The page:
Bolts, Nuts, and Screws

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As we make our way out of the woods, leaving the fabled Shannon McCarthy on an 1839 canal boat stalled somewhere behind us, we again take to the trail in the Milldale section of Southington, CT. Off to our right in the woods, sections of railroad tracks lay hidden among the brush, swallowed up by time and Mother Nature, relics of the past, leftover reminders of the mighty steam engines that once traveled this route. After crossing a bridge over the historic Meriden-Waterbury Turnpike, we come to the first landmark on this section of the Farmington Canal Trail; the Milldale train depot. Built in 1890, the depot is open on weekends from Memorial Day to Labor Day and houses treasures and memorabilia donated by the Southington Historical Society. Not far up ahead, on the left, we spot the old Clark Brothers bolt manufacturing plant.
While Southington is now a sleepy New England bedroom community (unless you visit during the October Apple Harvest Festival which attracts 100,000 visitors annually) landmarks along the trail are reminders of the town’s past as our nation’s leading bolt and screw manufacturing community. The Clark Brothers manufacturing building on Canal Street (and right next to the trail) is a case in point. William, Henry, and Charles Clark set up shop here after an 1893 fire destroyed their original facility. The Clark brothers became leading manufacturers in a town where the bolts, nuts, screws, washers, and rivets that held our nation together were produced.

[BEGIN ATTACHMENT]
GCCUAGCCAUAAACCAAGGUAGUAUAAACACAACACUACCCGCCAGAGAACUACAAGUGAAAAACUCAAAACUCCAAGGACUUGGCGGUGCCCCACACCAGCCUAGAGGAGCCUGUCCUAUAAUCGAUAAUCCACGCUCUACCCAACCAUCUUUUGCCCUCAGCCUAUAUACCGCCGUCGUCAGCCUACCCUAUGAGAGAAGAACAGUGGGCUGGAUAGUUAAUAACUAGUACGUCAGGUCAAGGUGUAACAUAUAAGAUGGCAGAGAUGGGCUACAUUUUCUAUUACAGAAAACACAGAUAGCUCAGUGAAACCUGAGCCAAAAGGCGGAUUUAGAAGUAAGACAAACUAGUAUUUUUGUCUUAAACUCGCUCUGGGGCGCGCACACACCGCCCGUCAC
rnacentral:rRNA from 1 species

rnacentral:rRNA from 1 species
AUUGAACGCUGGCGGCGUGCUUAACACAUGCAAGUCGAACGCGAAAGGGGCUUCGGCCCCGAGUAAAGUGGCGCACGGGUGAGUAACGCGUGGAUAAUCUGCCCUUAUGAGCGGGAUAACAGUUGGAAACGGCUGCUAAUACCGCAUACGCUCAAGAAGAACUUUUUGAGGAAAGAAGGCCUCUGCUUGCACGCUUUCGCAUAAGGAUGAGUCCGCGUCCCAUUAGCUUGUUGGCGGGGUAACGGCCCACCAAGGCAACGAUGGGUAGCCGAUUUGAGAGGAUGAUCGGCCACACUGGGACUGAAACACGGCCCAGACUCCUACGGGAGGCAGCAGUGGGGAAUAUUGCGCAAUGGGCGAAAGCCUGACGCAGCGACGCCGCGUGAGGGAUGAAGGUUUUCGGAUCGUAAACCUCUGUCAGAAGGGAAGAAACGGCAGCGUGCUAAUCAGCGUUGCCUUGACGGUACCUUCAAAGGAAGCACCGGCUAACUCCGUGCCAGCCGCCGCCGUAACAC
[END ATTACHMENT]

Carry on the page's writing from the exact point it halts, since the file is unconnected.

And so the Canaltrekkers press northward, passing Southington’s downtown district, heading toward the community’s mother town of Farmington (Southington was once known as Southern Farmington) in search of a story, in search of an adventure, blazing the trail where Shannon McCarthy will soon follow on her trek into our past.

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